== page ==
See text below.
A new study pointing to widespread discrepancies in quality and access in Canada's child care services confirms the urgent need for a national Child Care Act, Tony Martin, NDP social policy critic said today.
"The Liberals think money and deals with the provinces and territories are enough but some provinces may never build a high quality system if there is no enforcing national legislation," said Martin.
"This is why New Democrats are pushing for legislation, meaningful accountability standards and guarantees that public money will only go to "not for profit" centres."
The study, Early Childhood Education and Care in Canada 2004, by the University of Toronto's Childcare Resource and Research Unit, provides a snapshot of early learning and child care programs in 2004 and tracks spending and service trends back to 1992.
Martin said while he is encouraged that there are more child care spaces
than ever before, other findings are disturbing -
- Quebec still accounts for 65 per cent of all spending on child care with Alberta and British Columbia spending declining,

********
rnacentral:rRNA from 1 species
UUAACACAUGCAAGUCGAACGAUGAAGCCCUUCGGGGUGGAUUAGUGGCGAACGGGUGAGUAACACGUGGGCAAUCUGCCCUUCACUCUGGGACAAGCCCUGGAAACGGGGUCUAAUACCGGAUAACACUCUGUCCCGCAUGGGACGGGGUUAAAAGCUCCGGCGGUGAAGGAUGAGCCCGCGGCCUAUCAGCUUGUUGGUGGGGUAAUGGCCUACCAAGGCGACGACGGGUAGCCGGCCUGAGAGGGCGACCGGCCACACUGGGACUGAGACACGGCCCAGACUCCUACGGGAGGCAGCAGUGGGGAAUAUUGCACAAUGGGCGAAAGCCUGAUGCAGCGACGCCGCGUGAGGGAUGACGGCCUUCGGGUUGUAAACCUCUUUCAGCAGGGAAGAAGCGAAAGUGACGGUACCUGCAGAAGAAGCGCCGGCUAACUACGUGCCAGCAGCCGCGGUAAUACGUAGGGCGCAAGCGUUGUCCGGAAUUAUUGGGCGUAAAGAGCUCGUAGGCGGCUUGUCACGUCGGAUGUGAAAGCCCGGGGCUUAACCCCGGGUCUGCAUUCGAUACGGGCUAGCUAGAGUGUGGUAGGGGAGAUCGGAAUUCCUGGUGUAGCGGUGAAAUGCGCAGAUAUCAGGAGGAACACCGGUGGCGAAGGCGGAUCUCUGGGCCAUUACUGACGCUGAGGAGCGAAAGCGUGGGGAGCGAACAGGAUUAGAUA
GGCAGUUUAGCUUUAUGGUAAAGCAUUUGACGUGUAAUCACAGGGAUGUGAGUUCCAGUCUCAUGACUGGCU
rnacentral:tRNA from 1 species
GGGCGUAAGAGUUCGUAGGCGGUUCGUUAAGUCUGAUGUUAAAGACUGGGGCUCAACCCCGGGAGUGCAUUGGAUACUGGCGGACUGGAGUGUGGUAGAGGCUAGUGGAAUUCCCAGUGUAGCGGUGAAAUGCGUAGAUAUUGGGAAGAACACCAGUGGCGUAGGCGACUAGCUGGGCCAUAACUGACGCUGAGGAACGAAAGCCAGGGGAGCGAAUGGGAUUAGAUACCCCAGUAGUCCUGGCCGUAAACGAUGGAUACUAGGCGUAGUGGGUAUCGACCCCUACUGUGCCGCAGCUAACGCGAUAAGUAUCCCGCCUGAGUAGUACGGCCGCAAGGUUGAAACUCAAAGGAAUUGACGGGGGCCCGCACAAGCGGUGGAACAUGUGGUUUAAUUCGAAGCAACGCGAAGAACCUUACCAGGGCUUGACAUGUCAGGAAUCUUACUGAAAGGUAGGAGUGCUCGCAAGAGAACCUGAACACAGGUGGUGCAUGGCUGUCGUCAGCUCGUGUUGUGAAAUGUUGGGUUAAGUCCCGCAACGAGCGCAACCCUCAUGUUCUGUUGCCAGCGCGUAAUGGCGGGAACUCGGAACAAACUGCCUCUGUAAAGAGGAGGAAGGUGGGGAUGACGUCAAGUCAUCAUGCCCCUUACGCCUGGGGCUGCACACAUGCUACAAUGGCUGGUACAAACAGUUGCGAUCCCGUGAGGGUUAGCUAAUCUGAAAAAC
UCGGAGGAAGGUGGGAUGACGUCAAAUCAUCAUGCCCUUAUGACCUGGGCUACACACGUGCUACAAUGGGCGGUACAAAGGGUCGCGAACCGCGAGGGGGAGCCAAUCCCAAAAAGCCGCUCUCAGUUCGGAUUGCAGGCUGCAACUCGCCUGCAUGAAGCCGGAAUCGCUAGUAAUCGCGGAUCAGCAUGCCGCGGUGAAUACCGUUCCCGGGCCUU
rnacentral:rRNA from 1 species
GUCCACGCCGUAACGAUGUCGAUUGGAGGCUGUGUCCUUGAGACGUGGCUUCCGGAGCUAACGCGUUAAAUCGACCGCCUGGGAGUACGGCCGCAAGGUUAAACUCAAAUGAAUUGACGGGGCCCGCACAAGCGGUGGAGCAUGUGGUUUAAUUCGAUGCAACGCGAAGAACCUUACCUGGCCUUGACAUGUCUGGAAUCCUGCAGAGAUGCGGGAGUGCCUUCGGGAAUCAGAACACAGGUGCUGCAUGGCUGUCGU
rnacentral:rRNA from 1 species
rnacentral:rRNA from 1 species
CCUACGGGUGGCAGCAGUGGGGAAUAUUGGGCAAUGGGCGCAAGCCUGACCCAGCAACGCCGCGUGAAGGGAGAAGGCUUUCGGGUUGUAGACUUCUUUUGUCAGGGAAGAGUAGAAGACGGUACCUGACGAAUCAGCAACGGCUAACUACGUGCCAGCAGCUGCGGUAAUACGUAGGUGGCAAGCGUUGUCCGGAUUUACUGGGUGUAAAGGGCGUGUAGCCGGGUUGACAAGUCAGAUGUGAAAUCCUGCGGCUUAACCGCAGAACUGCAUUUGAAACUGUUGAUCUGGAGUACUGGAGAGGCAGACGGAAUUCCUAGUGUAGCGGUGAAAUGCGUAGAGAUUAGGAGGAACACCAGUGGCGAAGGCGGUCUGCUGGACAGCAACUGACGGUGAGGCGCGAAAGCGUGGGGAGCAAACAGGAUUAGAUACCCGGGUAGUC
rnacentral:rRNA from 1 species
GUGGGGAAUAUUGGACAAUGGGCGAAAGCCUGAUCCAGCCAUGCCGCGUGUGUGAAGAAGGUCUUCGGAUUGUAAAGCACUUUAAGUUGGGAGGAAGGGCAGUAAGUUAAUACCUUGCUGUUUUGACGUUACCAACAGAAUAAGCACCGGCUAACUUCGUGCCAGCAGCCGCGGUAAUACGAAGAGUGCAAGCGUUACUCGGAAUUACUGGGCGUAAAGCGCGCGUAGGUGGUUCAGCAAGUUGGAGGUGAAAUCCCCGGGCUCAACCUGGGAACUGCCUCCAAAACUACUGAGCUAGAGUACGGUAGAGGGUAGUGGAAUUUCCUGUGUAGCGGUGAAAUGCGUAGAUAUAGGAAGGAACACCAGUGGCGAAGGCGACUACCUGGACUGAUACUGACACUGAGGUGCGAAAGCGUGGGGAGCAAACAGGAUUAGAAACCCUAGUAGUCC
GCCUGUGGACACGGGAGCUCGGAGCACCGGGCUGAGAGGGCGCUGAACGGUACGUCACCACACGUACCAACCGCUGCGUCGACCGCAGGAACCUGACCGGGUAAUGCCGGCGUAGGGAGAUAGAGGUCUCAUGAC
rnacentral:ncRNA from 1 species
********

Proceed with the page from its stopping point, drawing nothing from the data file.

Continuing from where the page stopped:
- the serious problem of access where only 15.5 per cent of children 0-12 could be accommodated in regulated programs in 2004,
- more centres closing than opening in three provinces,
- financial support to low income parents stagnating,
- public funding per space fallen since 2001 in six jurisdictions,
- the number of for-profit operations increasing in Ontario, Newfoundland, Nova Scotia and PEI, while overall dropping from 30 percent to 20 per cent since 1992. Studies have consistently shown that higher quality care is found in the non-profit sector.
"We have been clear from the very beginning," said Martin "that we need a national child care program that is worth its salt and that will actually deliver"
- reprinted from LTV News